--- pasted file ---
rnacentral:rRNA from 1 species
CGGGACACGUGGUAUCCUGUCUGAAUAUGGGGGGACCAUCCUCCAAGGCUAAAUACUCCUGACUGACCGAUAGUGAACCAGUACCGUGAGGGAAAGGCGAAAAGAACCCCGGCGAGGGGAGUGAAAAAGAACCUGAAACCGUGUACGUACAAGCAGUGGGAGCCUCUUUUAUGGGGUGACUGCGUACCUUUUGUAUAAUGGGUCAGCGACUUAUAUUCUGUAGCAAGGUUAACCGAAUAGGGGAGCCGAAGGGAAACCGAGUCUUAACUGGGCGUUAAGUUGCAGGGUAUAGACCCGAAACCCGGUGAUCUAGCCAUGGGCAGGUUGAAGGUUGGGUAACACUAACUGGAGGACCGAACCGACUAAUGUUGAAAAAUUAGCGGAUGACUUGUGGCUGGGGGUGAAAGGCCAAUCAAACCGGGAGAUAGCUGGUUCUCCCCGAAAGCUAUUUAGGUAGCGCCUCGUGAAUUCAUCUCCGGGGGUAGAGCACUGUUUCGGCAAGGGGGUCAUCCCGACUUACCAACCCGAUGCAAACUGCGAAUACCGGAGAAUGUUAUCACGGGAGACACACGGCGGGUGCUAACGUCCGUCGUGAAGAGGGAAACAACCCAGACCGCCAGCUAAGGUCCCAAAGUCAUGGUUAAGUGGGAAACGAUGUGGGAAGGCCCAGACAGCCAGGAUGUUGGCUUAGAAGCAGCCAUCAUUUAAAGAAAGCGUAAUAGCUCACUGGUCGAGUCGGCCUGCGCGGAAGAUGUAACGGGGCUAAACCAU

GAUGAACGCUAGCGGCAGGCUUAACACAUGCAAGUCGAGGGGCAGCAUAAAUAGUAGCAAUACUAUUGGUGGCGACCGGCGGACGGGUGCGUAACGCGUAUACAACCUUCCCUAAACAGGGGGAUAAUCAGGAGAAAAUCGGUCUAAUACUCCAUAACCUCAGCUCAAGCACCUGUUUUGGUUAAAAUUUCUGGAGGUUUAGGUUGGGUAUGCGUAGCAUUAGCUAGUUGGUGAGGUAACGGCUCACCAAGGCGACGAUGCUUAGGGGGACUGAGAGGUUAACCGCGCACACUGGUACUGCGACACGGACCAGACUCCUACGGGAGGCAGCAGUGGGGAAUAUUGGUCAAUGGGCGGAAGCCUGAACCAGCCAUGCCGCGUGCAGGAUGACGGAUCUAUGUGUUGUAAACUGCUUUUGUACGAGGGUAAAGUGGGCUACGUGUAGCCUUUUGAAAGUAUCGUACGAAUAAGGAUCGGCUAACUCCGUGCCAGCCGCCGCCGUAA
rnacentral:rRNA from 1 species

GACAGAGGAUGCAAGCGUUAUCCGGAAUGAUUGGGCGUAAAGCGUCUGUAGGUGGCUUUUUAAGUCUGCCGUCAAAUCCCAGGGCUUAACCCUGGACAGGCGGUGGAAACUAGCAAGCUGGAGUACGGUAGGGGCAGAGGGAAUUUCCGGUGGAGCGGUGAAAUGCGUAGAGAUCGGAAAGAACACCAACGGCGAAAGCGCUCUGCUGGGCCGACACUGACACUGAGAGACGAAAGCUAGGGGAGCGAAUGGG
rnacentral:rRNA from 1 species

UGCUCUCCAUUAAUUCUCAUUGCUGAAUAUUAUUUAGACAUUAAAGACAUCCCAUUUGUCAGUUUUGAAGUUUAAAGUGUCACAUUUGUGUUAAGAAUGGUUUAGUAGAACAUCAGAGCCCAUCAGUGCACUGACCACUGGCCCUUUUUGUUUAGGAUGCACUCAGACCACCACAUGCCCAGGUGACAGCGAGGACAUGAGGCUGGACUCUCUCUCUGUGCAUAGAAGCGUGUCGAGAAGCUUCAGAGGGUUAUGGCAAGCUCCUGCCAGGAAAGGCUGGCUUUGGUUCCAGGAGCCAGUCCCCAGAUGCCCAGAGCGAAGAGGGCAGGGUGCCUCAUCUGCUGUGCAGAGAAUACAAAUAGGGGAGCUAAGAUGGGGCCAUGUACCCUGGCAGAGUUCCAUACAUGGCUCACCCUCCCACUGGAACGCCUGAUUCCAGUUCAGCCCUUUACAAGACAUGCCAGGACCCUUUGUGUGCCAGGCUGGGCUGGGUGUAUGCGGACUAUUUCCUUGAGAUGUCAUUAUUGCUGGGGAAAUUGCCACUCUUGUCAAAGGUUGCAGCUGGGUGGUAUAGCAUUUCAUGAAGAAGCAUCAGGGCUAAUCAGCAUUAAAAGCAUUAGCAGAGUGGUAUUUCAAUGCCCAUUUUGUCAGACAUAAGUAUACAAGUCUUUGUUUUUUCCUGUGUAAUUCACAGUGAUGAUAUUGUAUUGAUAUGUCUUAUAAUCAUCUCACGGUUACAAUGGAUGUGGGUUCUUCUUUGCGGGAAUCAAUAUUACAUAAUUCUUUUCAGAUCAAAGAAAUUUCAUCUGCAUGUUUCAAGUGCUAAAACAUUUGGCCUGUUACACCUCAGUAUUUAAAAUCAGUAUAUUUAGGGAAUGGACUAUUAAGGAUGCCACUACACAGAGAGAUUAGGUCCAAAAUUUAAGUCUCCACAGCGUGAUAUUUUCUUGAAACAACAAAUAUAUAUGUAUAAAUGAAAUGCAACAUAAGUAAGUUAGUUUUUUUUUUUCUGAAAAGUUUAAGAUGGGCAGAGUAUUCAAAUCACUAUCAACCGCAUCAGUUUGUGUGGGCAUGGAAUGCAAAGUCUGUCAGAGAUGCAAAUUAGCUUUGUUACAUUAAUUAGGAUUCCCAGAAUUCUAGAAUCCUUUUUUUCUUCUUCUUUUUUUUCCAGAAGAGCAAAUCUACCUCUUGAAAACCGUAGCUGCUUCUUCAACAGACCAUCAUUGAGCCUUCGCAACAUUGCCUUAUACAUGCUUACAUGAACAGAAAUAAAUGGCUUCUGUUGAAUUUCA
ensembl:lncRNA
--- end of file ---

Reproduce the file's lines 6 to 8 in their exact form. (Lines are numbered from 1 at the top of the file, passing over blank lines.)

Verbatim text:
rnacentral:rRNA from 1 species

UGCUCUCCAUUAAUUCUCAUUGCUGAAUAUUAUUUAGACAUUAAAGACAUCCCAUUUGUCAGUUUUGAAGUUUAAAGUGUCACAUUUGUGUUAAGAAUGGUUUAGUAGAACAUCAGAGCCCAUCAGUGCACUGACCACUGGCCCUUUUUGUUUAGGAUGCACUCAGACCACCACAUGCCCAGGUGACAGCGAGGACAUGAGGCUGGACUCUCUCUCUGUGCAUAGAAGCGUGUCGAGAAGCUUCAGAGGGUUAUGGCAAGCUCCUGCCAGGAAAGGCUGGCUUUGGUUCCAGGAGCCAGUCCCCAGAUGCCCAGAGCGAAGAGGGCAGGGUGCCUCAUCUGCUGUGCAGAGAAUACAAAUAGGGGAGCUAAGAUGGGGCCAUGUACCCUGGCAGAGUUCCAUACAUGGCUCACCCUCCCACUGGAACGCCUGAUUCCAGUUCAGCCCUUUACAAGACAUGCCAGGACCCUUUGUGUGCCAGGCUGGGCUGGGUGUAUGCGGACUAUUUCCUUGAGAUGUCAUUAUUGCUGGGGAAAUUGCCACUCUUGUCAAAGGUUGCAGCUGGGUGGUAUAGCAUUUCAUGAAGAAGCAUCAGGGCUAAUCAGCAUUAAAAGCAUUAGCAGAGUGGUAUUUCAAUGCCCAUUUUGUCAGACAUAAGUAUACAAGUCUUUGUUUUUUCCUGUGUAAUUCACAGUGAUGAUAUUGUAUUGAUAUGUCUUAUAAUCAUCUCACGGUUACAAUGGAUGUGGGUUCUUCUUUGCGGGAAUCAAUAUUACAUAAUUCUUUUCAGAUCAAAGAAAUUUCAUCUGCAUGUUUCAAGUGCUAAAACAUUUGGCCUGUUACACCUCAGUAUUUAAAAUCAGUAUAUUUAGGGAAUGGACUAUUAAGGAUGCCACUACACAGAGAGAUUAGGUCCAAAAUUUAAGUCUCCACAGCGUGAUAUUUUCUUGAAACAACAAAUAUAUAUGUAUAAAUGAAAUGCAACAUAAGUAAGUUAGUUUUUUUUUUUCUGAAAAGUUUAAGAUGGGCAGAGUAUUCAAAUCACUAUCAACCGCAUCAGUUUGUGUGGGCAUGGAAUGCAAAGUCUGUCAGAGAUGCAAAUUAGCUUUGUUACAUUAAUUAGGAUUCCCAGAAUUCUAGAAUCCUUUUUUUCUUCUUCUUUUUUUUCCAGAAGAGCAAAUCUACCUCUUGAAAACCGUAGCUGCUUCUUCAACAGACCAUCAUUGAGCCUUCGCAACAUUGCCUUAUACAUGCUUACAUGAACAGAAAUAAAUGGCUUCUGUUGAAUUUCA
ensembl:lncRNA